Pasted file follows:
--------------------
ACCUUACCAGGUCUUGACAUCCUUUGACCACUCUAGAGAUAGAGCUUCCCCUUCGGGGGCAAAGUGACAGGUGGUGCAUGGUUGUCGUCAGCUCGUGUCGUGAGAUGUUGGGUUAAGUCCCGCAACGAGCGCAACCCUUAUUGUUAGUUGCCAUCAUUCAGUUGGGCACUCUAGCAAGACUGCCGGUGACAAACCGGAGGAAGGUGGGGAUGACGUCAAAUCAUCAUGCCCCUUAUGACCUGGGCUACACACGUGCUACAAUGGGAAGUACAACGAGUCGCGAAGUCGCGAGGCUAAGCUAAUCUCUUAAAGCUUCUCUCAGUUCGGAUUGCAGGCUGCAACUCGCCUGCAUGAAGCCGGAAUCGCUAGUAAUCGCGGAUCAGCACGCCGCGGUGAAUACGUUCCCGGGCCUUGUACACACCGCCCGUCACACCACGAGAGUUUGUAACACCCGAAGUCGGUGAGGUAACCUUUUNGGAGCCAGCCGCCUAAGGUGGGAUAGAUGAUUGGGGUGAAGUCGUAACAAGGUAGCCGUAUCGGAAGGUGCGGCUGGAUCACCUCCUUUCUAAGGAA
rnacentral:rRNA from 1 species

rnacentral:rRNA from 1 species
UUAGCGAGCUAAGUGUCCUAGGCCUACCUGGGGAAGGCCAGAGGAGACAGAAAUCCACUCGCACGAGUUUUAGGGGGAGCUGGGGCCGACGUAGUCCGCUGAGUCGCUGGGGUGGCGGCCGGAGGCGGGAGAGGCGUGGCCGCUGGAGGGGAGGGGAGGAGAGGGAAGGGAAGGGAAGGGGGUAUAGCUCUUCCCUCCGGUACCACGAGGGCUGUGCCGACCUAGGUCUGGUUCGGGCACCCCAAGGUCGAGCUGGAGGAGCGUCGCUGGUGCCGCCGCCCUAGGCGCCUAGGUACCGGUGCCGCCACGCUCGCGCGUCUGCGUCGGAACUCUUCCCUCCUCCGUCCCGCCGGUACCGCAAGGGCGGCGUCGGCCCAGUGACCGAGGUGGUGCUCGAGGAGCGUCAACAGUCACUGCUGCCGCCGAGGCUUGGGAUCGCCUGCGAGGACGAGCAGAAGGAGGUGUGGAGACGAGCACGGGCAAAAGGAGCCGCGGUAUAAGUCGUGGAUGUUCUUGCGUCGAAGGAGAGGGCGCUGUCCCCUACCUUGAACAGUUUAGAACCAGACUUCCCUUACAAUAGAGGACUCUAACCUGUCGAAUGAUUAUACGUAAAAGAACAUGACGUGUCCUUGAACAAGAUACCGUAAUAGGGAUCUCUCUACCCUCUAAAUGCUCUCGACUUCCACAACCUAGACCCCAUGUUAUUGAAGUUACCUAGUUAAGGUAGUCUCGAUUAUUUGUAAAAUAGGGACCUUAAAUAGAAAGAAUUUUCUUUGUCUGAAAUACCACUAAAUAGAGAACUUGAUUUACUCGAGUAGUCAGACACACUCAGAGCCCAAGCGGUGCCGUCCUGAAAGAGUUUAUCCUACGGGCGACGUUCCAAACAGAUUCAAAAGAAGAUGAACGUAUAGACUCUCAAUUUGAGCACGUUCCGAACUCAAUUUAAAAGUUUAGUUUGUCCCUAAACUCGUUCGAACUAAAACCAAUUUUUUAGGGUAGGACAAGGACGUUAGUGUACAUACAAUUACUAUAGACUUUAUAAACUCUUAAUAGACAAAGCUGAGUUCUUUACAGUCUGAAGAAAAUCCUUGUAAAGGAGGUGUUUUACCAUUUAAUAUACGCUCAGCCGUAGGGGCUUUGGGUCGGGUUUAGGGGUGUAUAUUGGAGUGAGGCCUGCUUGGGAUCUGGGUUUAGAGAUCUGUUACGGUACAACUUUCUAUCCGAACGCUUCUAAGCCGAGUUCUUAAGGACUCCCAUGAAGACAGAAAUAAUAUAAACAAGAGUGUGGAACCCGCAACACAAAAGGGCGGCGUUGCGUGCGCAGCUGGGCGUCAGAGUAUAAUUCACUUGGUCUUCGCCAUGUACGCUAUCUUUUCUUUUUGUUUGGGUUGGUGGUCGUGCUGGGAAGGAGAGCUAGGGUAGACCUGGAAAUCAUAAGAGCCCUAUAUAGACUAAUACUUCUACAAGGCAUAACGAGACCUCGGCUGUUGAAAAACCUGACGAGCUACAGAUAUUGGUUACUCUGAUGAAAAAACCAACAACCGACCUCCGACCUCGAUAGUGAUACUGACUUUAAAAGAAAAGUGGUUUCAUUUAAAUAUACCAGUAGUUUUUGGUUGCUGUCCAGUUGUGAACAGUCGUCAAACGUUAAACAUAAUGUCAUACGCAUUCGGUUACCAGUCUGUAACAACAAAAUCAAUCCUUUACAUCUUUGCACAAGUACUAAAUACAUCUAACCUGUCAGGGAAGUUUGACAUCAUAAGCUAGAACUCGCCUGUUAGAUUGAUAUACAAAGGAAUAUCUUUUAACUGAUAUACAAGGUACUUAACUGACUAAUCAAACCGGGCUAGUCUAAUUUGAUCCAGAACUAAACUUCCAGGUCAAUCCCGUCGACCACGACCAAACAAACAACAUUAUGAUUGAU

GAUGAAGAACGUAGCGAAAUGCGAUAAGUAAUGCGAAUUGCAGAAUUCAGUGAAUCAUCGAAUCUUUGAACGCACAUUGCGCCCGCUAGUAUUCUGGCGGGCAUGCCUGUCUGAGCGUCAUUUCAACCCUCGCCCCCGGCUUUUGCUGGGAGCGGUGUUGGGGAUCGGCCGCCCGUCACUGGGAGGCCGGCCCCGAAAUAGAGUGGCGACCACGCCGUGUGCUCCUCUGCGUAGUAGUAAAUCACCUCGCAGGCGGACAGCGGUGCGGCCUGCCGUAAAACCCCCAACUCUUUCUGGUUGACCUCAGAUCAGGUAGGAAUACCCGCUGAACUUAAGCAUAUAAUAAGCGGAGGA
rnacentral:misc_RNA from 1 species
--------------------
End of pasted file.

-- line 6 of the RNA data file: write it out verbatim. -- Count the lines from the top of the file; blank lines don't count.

rnacentral:misc_RNA from 1 species